Edward the Elder

Edward the Elder
870 - 925

Edward the Elder was King of the Anglo-Saxons from 899 until his death. He was the elder son of Alfred the Great and his wife Ealhswith. When Edward succeeded to the throne, he had to defeat a challenge from his cousin Æthelwold, who had a strong claim to the throne as the son of Alfred's elder brother and predecessor, Æthelred.
Alfred had succeeded Æthelred as king of Wessex in 871, and almost faced defeat against the Danish Vikings until his decisive victory at the Battle of Edington in 878. After the battle, the Vikings still ruled Northumbria, East Anglia and eastern Mercia, leaving only Wessex and western Mercia under Anglo-Saxon control. In the early 880s Æthelred, Lord of the Mercians, the ruler of western Mercia, accepted Alfred's lordship and married his daughter Æthelflæd, and around 886 Alfred adopted the new title King of the Anglo-Saxons as the ruler of all Anglo-Saxons not subject to Danish rule.
Edward's parents, Alfred and Ealhswith, married in 868. Ealhswith's father was Æthelred Mucel, Ealdorman of the Gaini, and her mother, Eadburh, was a member of the Mercian royal family. Alfred and Ealhswith had five children who survived childhood. The oldest was Æthelflæd, who married Æthelred, Lord of the Mercians, and ruled as Lady of the Mercians after his death. Edward was next, and the second daughter, Æthelgifu, became abbess of Shaftesbury. The third daughter, Ælfthryth, married Baldwin, Count of Flanders, and then there was the younger son, Æthelweard,
Photo: Unknown authorUnknown author, Public domain, via Wikimedia Commons

Edward ruled from time of his father's death on 26 October, 899. But he wasn't coronated until  June of 900. His reign began with his cousin Athelwold, son of King Athelred, seizing the royal manors of Wimborne and Christchurch. When Edward confronted him Athelwold fled. Athelwold was accepted by the Danes of Northumbria. There he was elected King of York. In 901 Athelwold was in Essex with a fleet he raised over seas. In 902 he convinced a Danish army in East Anglia to raid into Wessex and Mercia with him. In response Edward led his army into East Anglia and destroyed the countryside. Edward ordered his troops to retire back to Wessex, but the Kentish men disobeyed his orders and stayed behind.
The Danish army quickly caught up with them. In the battle that followed, Ethelwald was killed.
Edward continued his wars against the Danes. He received a great deal of aid from his sister, Ethelflaeda. She had married Ethelred of Mercia and at his death she became the leader of the Mercians. Together Edward and Ethelflaeda defeated the Danes in numerous battles. But Ethelflaeda also built a line of fortresses on the Mercian Frontier. This was what her father Alfred the Great had done on the Wessex borders with the Danish held territories. Edward began to use these fortresses differently. Not just for defense of his own lands he used them to hold captured lands. Edward and his sister were very successful against the Danes. So much so they quit raiding into Wessex and Mercia. Freed of wars with the Danes, Edward could attend to other issues. He brought Strathclyde and parts of Northumbria under his control. He also brought Mercia under his direct rule after his sister Ethelflaeda died. The appearance of the Viking leader Ragnvald in York slowed his progress. But by the end of his reign he had control of all lands south of the River Humber. In a treaty Ragnvald, the kings of Strathclyde and the Scots recognized his rule.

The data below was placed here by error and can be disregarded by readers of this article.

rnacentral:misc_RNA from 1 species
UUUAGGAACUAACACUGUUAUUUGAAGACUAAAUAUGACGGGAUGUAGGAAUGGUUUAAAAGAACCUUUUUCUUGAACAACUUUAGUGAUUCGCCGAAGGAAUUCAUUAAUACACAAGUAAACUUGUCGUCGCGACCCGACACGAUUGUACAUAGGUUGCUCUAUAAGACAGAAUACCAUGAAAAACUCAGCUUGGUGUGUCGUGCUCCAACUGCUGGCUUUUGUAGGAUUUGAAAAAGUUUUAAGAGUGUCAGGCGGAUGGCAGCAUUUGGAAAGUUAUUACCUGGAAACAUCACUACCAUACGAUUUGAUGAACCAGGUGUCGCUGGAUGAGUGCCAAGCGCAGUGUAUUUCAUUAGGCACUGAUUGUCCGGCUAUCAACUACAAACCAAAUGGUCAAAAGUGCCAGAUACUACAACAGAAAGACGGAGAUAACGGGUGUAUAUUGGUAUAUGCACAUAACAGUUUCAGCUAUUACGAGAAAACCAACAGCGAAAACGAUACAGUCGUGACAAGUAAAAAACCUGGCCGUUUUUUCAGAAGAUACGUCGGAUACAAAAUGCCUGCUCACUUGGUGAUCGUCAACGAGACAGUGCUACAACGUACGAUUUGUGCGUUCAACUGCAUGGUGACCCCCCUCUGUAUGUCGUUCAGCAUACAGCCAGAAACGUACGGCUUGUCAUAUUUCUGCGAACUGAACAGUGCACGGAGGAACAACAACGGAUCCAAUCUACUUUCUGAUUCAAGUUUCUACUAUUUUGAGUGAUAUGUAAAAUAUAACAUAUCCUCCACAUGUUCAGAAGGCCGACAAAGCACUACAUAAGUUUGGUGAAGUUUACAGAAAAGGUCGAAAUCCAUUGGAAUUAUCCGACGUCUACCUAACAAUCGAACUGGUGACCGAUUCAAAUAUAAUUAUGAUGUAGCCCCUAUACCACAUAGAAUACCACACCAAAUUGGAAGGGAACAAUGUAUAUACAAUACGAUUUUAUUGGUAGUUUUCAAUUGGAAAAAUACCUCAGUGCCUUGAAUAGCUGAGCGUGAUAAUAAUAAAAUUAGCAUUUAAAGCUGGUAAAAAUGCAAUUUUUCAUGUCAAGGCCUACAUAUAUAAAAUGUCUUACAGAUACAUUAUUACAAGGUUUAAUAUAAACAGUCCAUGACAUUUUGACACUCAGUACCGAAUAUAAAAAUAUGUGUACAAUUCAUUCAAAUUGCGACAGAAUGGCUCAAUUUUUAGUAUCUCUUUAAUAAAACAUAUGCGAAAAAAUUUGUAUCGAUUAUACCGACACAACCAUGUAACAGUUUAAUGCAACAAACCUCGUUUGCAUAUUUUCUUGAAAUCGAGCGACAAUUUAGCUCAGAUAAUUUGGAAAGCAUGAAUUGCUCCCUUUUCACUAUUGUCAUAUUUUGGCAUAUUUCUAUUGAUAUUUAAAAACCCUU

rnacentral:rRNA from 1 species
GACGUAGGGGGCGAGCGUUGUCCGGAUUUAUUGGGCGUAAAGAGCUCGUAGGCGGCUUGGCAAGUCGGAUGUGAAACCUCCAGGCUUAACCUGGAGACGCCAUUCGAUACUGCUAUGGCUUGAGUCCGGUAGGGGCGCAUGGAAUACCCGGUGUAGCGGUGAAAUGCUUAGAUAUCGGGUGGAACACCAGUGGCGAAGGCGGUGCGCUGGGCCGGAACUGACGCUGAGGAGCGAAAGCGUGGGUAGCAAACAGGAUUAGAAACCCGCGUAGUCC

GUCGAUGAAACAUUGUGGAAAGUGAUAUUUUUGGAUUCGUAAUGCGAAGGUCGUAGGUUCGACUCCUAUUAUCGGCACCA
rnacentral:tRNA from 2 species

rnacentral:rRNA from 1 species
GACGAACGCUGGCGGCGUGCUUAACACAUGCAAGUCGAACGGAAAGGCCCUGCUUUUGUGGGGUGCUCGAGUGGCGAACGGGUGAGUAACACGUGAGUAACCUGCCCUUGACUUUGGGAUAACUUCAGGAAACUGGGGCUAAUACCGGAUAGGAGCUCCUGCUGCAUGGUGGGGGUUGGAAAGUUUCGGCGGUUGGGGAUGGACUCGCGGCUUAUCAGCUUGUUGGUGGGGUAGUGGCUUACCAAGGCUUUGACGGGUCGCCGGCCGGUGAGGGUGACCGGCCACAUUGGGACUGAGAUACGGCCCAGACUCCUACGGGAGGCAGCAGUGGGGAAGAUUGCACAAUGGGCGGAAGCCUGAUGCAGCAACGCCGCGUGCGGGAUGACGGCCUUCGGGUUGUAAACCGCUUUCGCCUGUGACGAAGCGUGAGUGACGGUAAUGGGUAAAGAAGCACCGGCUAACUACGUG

In 924 Mercian nobles wanting to be free of Edward's rule made an alliance with the Welsh. Edward quickly put down the rebellion and placed a garrison in the town of Chester. But this expedition proved to be his last. Edward died 17 July 924. Before the end of the year his son Athelstan was recognized as the rightful king.
Edward had about fourteen children from three marriages.
He first married Ecgwynn around 893. Their children were:
1. Æthelstan, King of England 924–939 
2. A daughter, perhaps called Edith, married Sihtric, Viking King of York in 926, who died in 927. Possibly Saint Edith of Polesworth 
In c. 900, Edward married Ælfflæd, daughter of Ealdorman Æthelhelm, probably of Wiltshire. Their children were:
3. Ælfweard, died August 924, a month after his father; possibly King of Wessex for that month 
4. Edwin, drowned at sea 933 
5. Æthelhild, lay sister at Wilton Abbey 
6. Eadgifu (died in or after 951), married Charles the Simple, King of the West Franks, c. 918 
7. Eadflæd, nun at Wilton Abbey 
8. Eadhild, married Hugh the Great, Duke of the Franks in 926 
9. Eadgyth (died 946), in 929/30 married Otto I, future King of the East Franks, and (after Eadgyth's death) Holy Roman Emperor 
10. Ælfgifu, married "a prince near the Alps", perhaps Louis, brother of King Rudolph II of Burgundy 
 Edward married for a third time, about 919, Eadgifu, the daughter of Sigehelm, Ealdorman of Kent. Their children were:
11. Edmund I, King of England 939–946 
12. Eadred, King of England 946–955 
13. Eadburh (died c. 952), Benedictine nun at Nunnaminster, Winchester, and saint 
14. Eadgifu, existence uncertain, possibly the same person as Ælfgifu
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